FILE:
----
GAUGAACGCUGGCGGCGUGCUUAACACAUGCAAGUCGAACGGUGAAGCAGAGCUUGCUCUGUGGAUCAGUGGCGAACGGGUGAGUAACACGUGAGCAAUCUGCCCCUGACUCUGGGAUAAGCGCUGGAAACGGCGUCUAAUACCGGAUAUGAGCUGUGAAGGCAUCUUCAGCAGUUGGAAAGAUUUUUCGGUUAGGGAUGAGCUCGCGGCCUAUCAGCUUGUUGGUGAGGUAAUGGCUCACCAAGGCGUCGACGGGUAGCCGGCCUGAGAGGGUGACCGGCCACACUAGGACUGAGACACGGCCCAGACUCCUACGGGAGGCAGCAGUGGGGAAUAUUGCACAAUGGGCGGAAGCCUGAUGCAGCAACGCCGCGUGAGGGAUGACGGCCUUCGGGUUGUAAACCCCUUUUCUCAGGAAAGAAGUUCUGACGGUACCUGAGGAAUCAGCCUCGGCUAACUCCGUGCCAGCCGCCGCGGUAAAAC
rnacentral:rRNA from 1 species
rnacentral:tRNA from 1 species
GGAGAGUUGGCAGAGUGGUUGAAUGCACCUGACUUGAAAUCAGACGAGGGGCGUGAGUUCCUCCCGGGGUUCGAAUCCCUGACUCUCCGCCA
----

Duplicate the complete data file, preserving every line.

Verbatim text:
GAUGAACGCUGGCGGCGUGCUUAACACAUGCAAGUCGAACGGUGAAGCAGAGCUUGCUCUGUGGAUCAGUGGCGAACGGGUGAGUAACACGUGAGCAAUCUGCCCCUGACUCUGGGAUAAGCGCUGGAAACGGCGUCUAAUACCGGAUAUGAGCUGUGAAGGCAUCUUCAGCAGUUGGAAAGAUUUUUCGGUUAGGGAUGAGCUCGCGGCCUAUCAGCUUGUUGGUGAGGUAAUGGCUCACCAAGGCGUCGACGGGUAGCCGGCCUGAGAGGGUGACCGGCCACACUAGGACUGAGACACGGCCCAGACUCCUACGGGAGGCAGCAGUGGGGAAUAUUGCACAAUGGGCGGAAGCCUGAUGCAGCAACGCCGCGUGAGGGAUGACGGCCUUCGGGUUGUAAACCCCUUUUCUCAGGAAAGAAGUUCUGACGGUACCUGAGGAAUCAGCCUCGGCUAACUCCGUGCCAGCCGCCGCGGUAAAAC
rnacentral:rRNA from 1 species
rnacentral:tRNA from 1 species
GGAGAGUUGGCAGAGUGGUUGAAUGCACCUGACUUGAAAUCAGACGAGGGGCGUGAGUUCCUCCCGGGGUUCGAAUCCCUGACUCUCCGCCA